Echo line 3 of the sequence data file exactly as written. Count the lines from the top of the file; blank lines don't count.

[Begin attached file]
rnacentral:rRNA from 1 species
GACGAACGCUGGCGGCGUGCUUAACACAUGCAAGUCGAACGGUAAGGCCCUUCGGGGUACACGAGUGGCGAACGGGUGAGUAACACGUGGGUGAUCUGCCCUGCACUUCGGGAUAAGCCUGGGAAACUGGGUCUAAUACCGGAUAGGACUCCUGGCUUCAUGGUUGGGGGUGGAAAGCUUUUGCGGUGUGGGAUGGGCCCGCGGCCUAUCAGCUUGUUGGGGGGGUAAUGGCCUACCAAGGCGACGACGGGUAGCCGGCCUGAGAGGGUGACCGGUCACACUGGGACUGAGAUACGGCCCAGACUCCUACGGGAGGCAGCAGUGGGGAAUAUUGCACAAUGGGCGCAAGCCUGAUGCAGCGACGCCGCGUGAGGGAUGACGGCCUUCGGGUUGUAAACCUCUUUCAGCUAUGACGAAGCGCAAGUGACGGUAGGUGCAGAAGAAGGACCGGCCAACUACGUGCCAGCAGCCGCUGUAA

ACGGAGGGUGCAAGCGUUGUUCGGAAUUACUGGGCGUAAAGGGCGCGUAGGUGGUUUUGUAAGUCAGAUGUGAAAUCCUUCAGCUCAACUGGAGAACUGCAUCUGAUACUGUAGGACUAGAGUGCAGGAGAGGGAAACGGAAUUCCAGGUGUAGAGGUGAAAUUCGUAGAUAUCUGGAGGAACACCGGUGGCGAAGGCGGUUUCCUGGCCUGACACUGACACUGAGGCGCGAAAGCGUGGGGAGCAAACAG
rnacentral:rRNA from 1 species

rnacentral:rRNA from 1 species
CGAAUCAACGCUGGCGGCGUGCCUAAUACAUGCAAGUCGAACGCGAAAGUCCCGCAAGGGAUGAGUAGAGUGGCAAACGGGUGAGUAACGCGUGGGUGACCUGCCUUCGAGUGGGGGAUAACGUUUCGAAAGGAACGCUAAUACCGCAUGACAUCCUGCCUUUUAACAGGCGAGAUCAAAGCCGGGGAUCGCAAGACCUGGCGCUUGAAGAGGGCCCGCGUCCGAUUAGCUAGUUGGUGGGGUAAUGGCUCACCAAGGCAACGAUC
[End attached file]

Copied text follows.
ACGGAGGGUGCAAGCGUUGUUCGGAAUUACUGGGCGUAAAGGGCGCGUAGGUGGUUUUGUAAGUCAGAUGUGAAAUCCUUCAGCUCAACUGGAGAACUGCAUCUGAUACUGUAGGACUAGAGUGCAGGAGAGGGAAACGGAAUUCCAGGUGUAGAGGUGAAAUUCGUAGAUAUCUGGAGGAACACCGGUGGCGAAGGCGGUUUCCUGGCCUGACACUGACACUGAGGCGCGAAAGCGUGGGGAGCAAACAG